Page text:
Sep 27, 2018

#30/Puppy power

Bottle feeding
Bottle feeding

During Vusumnotfo’s June 30 spay day a mother dog was operated on, leaving her 5 puppies without milk. So Vusumnotfo staff took on the duties of feeding the puppies by syringe.

The following week, when the puppies were about 4 weeks old, Vusumnotfo staff Nomcebo and Sbonile took the puppies to Hlanganani Primary School for sharing. It was an amazing experience for the students, as captured in the photos and comments from below:

Mapule - It was incredible to see puppies fed from syringes, and to know that its possible for them to bottle-feed just like human beings, so all in all it was a learning experience for future vets in our school.

Thobile - It was a good, fun and educational experience for the kids. It was good for the kids to see the puppies live because some of our students have only see puppies on TV.  Dogs tend to be kept for security only so puppies to play and hold are not the norm at all. 

Sithembile - The learners enjoyed having the puppies in their hands and it was the first time for some of them to see puppies as young as these ones.  A few were afraid to touch the puppies but after some time, even they started to come closer. 

Busi - Its was a great experience for our kids to just hold the puppies & play with them, and to learn that they can be fed with a bottle! 

Princess - It was a great experience for both learners and teachers; the kids asked a lot of interesting questions like “since they are so small, can they be called a puppy?”

Gentle
Gentle
Friends
Friends
Curious
Curious
Cuddles
Cuddles
Lots of interesting questions
Lots of interesting questions
Jun 28, 2018

#29/Changing attitudes at preschool

Cool kid
Cool kid

On Friday June 22 I attended an event at Ndlalambi Nazarene Preschool put on by Vusumnotfo. This event was aimed at promoting positive interactions with animals. It is in conjunction with the upcoming community spay day scheduled for June 30.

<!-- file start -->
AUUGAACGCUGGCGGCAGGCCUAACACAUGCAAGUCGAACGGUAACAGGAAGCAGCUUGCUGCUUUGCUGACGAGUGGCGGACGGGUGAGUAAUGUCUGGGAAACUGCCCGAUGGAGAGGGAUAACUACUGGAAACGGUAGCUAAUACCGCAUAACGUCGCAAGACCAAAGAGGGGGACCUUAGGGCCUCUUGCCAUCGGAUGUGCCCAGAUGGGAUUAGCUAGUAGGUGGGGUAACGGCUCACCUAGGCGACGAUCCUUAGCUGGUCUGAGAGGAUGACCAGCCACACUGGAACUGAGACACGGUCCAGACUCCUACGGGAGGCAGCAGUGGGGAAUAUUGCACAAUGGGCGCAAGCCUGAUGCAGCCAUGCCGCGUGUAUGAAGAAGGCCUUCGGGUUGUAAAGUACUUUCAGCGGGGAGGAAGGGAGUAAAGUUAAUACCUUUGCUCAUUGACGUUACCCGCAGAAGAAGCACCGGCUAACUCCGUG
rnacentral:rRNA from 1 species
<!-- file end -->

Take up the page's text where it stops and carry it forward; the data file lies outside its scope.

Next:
I accompanied James Tsabedze from Vusumnotfo. He walked in with Ziggy, a Jack Russel dog, on a leash. Dogs in eSwatini are not seen the same as pets in America. Dogs tend to roam freely, are used for security, and can be heard fighting in the night; so this was a very different sight for everyone!

Although the children were excited about having visitors, they were afraid of Ziggy. James stroked Ziggy gently and invited the children to touch her. Some refused, some hid behind the group to avoid being called, only a few hesitantly touched Ziggy with one finger before retracting. 

To make inroads, James sat down and held Ziggy so she did not squirm so much. While petting Ziggy, James asked the children “would you like someone to pull on your ears; would you like someone to hit you; would you like someone to throw a stone at you?”  (These are all typical ways in which people interact with dogs in eSwatini.)

As the children answered the questions, James told them, “If you would not like someone to pull on your ears, then you know that Ziggy would also not like someone pulling on her ears. And if you would not like someone hitting you, then you know that Ziggy also would not like someone hitting her.” James chatted with the children about how to treat animals and other people with respect.